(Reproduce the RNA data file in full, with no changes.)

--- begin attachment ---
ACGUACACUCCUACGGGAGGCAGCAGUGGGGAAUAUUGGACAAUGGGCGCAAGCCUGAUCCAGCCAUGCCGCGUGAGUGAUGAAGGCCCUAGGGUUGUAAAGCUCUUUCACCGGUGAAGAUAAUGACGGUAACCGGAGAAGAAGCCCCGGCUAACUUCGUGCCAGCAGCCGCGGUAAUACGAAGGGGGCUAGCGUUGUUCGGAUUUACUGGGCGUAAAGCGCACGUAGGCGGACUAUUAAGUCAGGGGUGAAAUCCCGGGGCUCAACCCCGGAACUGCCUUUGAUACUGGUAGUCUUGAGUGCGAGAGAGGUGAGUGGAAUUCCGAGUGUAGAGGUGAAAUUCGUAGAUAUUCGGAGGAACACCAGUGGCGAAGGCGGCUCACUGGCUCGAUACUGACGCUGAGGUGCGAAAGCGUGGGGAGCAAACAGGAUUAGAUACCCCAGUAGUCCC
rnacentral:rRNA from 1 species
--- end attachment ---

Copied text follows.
ACGUACACUCCUACGGGAGGCAGCAGUGGGGAAUAUUGGACAAUGGGCGCAAGCCUGAUCCAGCCAUGCCGCGUGAGUGAUGAAGGCCCUAGGGUUGUAAAGCUCUUUCACCGGUGAAGAUAAUGACGGUAACCGGAGAAGAAGCCCCGGCUAACUUCGUGCCAGCAGCCGCGGUAAUACGAAGGGGGCUAGCGUUGUUCGGAUUUACUGGGCGUAAAGCGCACGUAGGCGGACUAUUAAGUCAGGGGUGAAAUCCCGGGGCUCAACCCCGGAACUGCCUUUGAUACUGGUAGUCUUGAGUGCGAGAGAGGUGAGUGGAAUUCCGAGUGUAGAGGUGAAAUUCGUAGAUAUUCGGAGGAACACCAGUGGCGAAGGCGGCUCACUGGCUCGAUACUGACGCUGAGGUGCGAAAGCGUGGGGAGCAAACAGGAUUAGAUACCCCAGUAGUCCC
rnacentral:rRNA from 1 species